Picture of Samuel Johnson

Samuel Johnson

places mentioned

Fort Augustus and Glenmoriston

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In the morning we viewed the fort, which is much less than that of St. George, and is said to be commanded by the neighbouring hills.  It was not long ago taken by the Highlanders.  But its situation seems well chosen for pleasure, if not for strength; it stands at the head of the lake, and, by a sloop of sixty tuns, is supplied from Inverness with great convenience.

We were now to cross the Highlands towards the western coast, and to content ourselves with such accommodations, as a way so little frequented could afford.  The journey was not formidable, for it was but of two days, very unequally divided, because the only house, where we could be entertained, was not further off than a third of the way.  We soon came to a high hill, which we mounted by a military road, cut in traverses, so that as we went upon a higher stage, we saw the baggage following us below in a contrary direction.  To make this way, the rock has been hewn to a level with labour that might have broken the perseverance of a Roman legion.

The country is totally denuded of its wood, but the stumps both of oaks and firs, which are still found, shew that it has been once a forest of large timber.  I do not remember that we saw any animals, but we were told that, in the mountains, there are stags, roebucks, goats and rabbits.

We did not perceive that this tract was possessed by human beings, except that once we saw a corn field, in which a lady was walking with some gentlemen.  Their house was certainly at no great distance, but so situated that we could not descry it.

Passing on through the dreariness of solitude, we found a party of soldiers from the fort, working on the road, under the superintendence of a serjeant.  We told them how kindly we had been treated at the garrison, and as we were enjoying the benefit of their labours, begged leave to shew our gratitude by a small present.


Early in the afternoon we came to Anoch, a village in Glenmollison of three huts, one of which is distinguished by a chimney.  Here we were to dine and lodge, and were conducted through the first room, that had the chimney, into another lighted by a small glass window.  The landlord attended us with great civility, and told us what he could give us to eat and drink.  I found some books on a shelf, among which were a volume or more of Prideaux's Connection.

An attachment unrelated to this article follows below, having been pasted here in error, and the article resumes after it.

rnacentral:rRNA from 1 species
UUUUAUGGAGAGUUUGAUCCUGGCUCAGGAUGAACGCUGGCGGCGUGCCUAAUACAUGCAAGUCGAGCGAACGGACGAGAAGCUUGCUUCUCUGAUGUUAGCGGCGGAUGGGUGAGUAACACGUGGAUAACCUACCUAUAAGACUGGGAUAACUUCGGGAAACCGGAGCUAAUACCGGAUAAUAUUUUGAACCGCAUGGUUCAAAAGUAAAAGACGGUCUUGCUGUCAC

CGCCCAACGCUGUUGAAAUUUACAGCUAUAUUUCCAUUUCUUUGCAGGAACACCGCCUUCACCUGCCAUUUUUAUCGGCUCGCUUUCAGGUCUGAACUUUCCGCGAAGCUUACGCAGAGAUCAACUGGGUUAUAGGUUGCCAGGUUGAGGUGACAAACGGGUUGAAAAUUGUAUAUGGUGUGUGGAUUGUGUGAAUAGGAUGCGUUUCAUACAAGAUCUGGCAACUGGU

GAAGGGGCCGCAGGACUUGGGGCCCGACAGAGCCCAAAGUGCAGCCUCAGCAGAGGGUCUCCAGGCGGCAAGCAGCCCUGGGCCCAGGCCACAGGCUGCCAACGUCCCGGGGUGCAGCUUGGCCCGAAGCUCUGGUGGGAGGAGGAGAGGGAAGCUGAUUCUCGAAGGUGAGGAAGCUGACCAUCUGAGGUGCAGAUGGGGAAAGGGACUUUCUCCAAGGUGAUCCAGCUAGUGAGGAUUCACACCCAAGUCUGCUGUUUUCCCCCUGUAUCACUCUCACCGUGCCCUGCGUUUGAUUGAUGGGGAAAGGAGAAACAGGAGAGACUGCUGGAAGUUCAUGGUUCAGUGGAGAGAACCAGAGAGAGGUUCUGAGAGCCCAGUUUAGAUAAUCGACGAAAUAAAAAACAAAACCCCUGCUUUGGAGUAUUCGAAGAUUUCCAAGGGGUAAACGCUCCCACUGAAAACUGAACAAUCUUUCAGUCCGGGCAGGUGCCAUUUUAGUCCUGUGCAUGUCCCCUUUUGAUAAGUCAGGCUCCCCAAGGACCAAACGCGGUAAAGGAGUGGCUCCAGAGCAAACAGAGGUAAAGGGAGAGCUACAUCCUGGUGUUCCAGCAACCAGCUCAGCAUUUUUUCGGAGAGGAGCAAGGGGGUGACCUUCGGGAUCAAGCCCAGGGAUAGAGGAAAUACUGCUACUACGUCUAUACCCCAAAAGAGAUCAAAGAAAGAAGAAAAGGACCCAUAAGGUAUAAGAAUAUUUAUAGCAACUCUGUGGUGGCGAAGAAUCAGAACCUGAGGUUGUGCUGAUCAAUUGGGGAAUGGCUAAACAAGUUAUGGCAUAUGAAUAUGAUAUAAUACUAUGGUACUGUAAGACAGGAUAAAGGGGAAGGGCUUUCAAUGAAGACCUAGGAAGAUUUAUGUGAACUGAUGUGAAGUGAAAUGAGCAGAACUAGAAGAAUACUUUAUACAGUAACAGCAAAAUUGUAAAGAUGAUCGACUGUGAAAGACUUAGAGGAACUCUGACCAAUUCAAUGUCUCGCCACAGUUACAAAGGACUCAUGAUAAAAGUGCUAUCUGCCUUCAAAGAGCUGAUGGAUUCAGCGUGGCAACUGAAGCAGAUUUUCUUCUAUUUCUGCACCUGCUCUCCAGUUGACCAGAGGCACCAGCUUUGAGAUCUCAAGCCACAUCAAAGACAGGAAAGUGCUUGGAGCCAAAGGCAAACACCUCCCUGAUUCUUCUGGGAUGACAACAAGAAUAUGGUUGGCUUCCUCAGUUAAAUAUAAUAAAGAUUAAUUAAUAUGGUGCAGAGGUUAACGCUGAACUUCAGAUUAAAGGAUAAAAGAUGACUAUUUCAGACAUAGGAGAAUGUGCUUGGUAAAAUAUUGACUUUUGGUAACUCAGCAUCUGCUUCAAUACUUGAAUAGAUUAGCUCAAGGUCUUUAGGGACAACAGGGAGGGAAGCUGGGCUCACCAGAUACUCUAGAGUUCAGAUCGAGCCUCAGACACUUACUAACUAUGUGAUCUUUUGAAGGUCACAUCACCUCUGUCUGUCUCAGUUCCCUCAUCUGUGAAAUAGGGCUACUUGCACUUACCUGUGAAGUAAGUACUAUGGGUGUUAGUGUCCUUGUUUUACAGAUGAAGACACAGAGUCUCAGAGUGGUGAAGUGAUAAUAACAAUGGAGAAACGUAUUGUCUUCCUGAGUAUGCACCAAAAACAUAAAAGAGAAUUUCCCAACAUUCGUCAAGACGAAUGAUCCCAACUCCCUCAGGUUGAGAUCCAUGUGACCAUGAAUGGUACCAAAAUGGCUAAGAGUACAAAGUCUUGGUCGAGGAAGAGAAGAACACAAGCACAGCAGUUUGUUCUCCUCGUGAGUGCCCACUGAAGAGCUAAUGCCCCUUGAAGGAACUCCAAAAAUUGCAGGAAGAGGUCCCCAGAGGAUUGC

This I mentioned as something unexpected, and perceived that I did not please him.  I praised the propriety of his language, and was answered that I need not wonder, for he had learned it by grammar.

By subsequent opportunities of observation, I found that my host's diction had nothing peculiar.  Those Highlanders that can speak English, commonly speak it well, with few of the words, and little of the tone by which a Scotchman is distinguished.  Their language seems to have been learned in the army or the navy, or by some communication with those who could give them good examples of accent and pronunciation.  By their Lowland neighbours they would not willingly be taught; for they have long considered them as a mean and degenerate race.  These prejudices are wearing fast away; but so much of them still remains, that when I asked a very learned minister in the islands, which they considered as their most savage clans: 'Those,' said he, 'that live next the Lowlands.'

As we came hither early in the day, we had time sufficient to survey the place.  The house was built like other huts of loose stones, but the part in which we dined and slept was lined with turf and wattled with twigs, which kept the earth from falling.  Near it was a garden of turnips and a field of potatoes.  It stands in a glen, or valley, pleasantly watered by a winding river.  But this country, however it may delight the gazer or amuse the naturalist, is of no great advantage to its owners.  Our landlord told us of a gentleman, who possesses lands, eighteen Scotch miles in length, and three in breadth; a space containing at least a hundred square English miles.  He has raised his rents, to the danger of depopulating his farms, and he fells his timber, and by exerting every art of augmentation, has obtained an yearly revenue of four hundred pounds, which for a hundred square miles is three halfpence an acre.

Some time after dinner we were surprised by the entrance of a young woman, not inelegant either in mien or dress, who asked us whether we would have tea.  We found that she was the daughter of our host, and desired her to make it.  Her conversation, like her appearance, was gentle and pleasing.  We knew that the girls of the Highlands are all gentlewomen, and treated her with great respect, which she received as customary and due, and was neither elated by it, nor confused, but repaid my civilities without embarassment, and told me how much I honoured her country by coming to survey it.